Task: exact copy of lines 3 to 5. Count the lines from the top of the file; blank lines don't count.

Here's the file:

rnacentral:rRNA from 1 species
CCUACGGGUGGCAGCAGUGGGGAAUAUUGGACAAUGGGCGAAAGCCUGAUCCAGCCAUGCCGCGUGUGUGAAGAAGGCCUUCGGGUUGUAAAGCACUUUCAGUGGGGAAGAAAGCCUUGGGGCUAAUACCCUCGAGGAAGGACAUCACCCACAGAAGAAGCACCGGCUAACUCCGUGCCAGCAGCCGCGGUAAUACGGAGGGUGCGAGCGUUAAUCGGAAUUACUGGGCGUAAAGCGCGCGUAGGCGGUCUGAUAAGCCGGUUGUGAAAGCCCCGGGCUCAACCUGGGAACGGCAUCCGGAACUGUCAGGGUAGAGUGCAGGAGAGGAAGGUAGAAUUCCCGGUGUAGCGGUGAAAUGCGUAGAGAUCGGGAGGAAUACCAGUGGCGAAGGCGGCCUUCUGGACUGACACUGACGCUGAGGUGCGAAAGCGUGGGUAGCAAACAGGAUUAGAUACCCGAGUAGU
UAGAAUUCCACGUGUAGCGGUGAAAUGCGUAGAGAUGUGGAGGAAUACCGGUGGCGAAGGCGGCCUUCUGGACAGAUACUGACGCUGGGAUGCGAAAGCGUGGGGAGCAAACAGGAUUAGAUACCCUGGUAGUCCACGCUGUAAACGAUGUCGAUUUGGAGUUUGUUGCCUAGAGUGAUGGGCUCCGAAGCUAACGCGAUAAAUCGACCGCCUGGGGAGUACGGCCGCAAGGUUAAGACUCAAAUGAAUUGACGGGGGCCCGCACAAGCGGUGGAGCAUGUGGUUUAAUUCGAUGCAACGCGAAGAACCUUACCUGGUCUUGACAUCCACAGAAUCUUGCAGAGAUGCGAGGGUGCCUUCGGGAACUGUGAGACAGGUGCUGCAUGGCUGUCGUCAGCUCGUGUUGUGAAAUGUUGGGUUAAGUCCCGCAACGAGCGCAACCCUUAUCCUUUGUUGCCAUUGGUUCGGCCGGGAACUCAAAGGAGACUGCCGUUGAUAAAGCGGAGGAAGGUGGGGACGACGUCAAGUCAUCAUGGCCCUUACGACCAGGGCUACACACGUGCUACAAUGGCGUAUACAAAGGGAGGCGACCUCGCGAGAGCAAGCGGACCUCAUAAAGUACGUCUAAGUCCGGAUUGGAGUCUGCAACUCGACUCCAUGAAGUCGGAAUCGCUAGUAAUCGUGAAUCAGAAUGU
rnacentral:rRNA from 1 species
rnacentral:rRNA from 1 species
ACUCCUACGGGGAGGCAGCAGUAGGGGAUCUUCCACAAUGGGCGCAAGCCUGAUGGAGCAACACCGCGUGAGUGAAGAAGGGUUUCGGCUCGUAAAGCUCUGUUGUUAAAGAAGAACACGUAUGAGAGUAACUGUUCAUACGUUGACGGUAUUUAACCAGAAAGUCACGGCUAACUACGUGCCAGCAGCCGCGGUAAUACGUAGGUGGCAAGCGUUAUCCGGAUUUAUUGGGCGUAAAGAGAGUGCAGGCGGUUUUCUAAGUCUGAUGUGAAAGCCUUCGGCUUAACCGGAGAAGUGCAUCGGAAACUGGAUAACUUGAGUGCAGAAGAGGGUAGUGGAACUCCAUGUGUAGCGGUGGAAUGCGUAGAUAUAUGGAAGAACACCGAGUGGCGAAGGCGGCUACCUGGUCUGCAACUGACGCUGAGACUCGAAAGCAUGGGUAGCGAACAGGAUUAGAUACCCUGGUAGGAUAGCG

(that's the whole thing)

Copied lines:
UAGAAUUCCACGUGUAGCGGUGAAAUGCGUAGAGAUGUGGAGGAAUACCGGUGGCGAAGGCGGCCUUCUGGACAGAUACUGACGCUGGGAUGCGAAAGCGUGGGGAGCAAACAGGAUUAGAUACCCUGGUAGUCCACGCUGUAAACGAUGUCGAUUUGGAGUUUGUUGCCUAGAGUGAUGGGCUCCGAAGCUAACGCGAUAAAUCGACCGCCUGGGGAGUACGGCCGCAAGGUUAAGACUCAAAUGAAUUGACGGGGGCCCGCACAAGCGGUGGAGCAUGUGGUUUAAUUCGAUGCAACGCGAAGAACCUUACCUGGUCUUGACAUCCACAGAAUCUUGCAGAGAUGCGAGGGUGCCUUCGGGAACUGUGAGACAGGUGCUGCAUGGCUGUCGUCAGCUCGUGUUGUGAAAUGUUGGGUUAAGUCCCGCAACGAGCGCAACCCUUAUCCUUUGUUGCCAUUGGUUCGGCCGGGAACUCAAAGGAGACUGCCGUUGAUAAAGCGGAGGAAGGUGGGGACGACGUCAAGUCAUCAUGGCCCUUACGACCAGGGCUACACACGUGCUACAAUGGCGUAUACAAAGGGAGGCGACCUCGCGAGAGCAAGCGGACCUCAUAAAGUACGUCUAAGUCCGGAUUGGAGUCUGCAACUCGACUCCAUGAAGUCGGAAUCGCUAGUAAUCGUGAAUCAGAAUGU
rnacentral:rRNA from 1 species
rnacentral:rRNA from 1 species